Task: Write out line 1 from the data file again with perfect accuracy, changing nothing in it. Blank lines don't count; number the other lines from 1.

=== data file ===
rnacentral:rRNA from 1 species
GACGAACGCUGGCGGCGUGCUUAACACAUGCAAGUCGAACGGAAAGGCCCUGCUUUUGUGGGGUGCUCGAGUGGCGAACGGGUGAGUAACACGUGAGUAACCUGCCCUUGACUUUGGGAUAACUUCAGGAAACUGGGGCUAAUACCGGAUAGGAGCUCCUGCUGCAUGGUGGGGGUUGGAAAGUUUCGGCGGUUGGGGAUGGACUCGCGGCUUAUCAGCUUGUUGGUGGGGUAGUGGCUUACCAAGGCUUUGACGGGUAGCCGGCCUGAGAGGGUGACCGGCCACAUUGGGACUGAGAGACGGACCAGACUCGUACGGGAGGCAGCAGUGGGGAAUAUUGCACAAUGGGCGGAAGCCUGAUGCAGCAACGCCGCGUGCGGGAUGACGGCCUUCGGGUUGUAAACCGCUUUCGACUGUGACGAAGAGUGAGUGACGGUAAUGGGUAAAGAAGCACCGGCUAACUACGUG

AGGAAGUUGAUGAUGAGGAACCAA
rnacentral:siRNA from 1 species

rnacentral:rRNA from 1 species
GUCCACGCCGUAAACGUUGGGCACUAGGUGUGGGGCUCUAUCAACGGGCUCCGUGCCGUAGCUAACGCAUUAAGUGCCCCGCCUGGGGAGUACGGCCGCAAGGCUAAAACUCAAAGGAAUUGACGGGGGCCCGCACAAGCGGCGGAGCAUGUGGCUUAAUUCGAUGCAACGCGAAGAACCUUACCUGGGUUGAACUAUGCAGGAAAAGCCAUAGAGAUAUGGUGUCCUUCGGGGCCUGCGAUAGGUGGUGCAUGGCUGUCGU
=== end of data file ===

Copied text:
rnacentral:rRNA from 1 species